GSL: A 6.5% Yield That May Not Be As Bad As It Looks

Investors love shipping stocks these days because of their robust dividends. And with supplies constrained around the globe, marine shipping companies are able to charge higher prices to boost both their cash flows and the dividends they pay to shareholders.

London-based Global Ship Lease (NYSE: GSL) owns 65 container ships that are used to ship goods worldwide.

The company recently raised its quarterly dividend to $0.375 per share or $1.50 on an annual basis. That gives Global Ship Lease an attractive 6.5% yield.

But can the company maintain such a high yield? The data suggests it can’t… but there’s a key element that may save investors from a cut…

Free cash flow, which had been positive for several years, swung into the negative column in 2021 in a big way – from $77 million in 2020 to -$204 million in 2021.

However, in 2022, free cash flow is forecast to boom – estimates have it coming in at $314 million. Global Ship Lease recorded $50 million in free cash flow in the first quarter of this year.

Chart: Plugging Global Ship Lease's Free Cash Flow Leak

But that negative free cash flow number from 2021 is a big warning shot across the bow for dividend investors, and it takes the dividend safety rating down a few notches.

Another factor tanking the dividend’s safety rating is the five years the company did not pay a dividend between the beginning of 2016 and May 2021. We know that when the going gets tough, Global Ship Lease stops paying dividends. And keep in mind, the company was free cash flow positive for several years prior to reinstating its dividend.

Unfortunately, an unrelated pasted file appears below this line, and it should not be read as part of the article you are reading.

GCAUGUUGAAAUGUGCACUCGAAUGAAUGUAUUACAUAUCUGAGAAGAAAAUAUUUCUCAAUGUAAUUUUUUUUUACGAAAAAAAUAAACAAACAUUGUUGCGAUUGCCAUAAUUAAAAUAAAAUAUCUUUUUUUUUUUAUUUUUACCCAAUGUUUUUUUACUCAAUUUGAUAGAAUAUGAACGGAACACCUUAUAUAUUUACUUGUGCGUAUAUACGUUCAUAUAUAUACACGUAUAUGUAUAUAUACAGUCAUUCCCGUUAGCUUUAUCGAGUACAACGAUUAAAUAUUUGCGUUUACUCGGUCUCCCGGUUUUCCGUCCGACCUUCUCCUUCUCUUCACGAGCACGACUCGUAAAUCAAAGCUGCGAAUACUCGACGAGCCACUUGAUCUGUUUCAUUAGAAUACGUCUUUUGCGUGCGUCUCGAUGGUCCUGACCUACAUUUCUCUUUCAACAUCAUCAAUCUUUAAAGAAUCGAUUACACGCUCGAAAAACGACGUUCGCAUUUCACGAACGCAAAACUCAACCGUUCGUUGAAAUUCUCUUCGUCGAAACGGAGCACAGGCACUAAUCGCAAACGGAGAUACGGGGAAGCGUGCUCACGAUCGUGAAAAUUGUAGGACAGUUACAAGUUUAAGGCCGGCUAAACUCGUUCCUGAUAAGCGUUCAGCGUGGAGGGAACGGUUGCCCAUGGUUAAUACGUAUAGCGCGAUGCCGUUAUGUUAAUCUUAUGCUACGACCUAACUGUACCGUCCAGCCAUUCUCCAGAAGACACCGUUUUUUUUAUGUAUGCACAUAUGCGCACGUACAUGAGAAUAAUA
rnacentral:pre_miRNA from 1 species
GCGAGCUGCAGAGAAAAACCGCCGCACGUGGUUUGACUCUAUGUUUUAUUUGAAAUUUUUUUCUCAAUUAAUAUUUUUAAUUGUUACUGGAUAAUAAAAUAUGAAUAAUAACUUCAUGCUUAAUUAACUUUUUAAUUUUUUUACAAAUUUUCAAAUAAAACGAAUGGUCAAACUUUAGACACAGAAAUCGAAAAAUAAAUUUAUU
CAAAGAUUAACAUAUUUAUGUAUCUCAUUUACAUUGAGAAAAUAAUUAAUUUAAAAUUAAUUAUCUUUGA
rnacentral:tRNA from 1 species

Negative free cash flow last year and the earlier suspension of its dividend mean that Global Ship Lease receives the lowest rating from Safety Net – an “F.”

However, Global Ship Lease does have one thing working in its favor. Management stated that the company’s contracts with customers provide visibility into its cash flows over the medium term. Global Ship Lease said the average remaining term on its contracts is 2.4 years.

So it is possible that the company will be able to maintain its dividend despite its low Safety Net rating. That said, if there are any changes to Global Ship Lease’s contracts, its customers stop paying, or its contracted revenue doesn’t come in as expected, a dividend cut is very likely given the company’s history.

Dividend Safety Rating: F

Dividend Grade Guide

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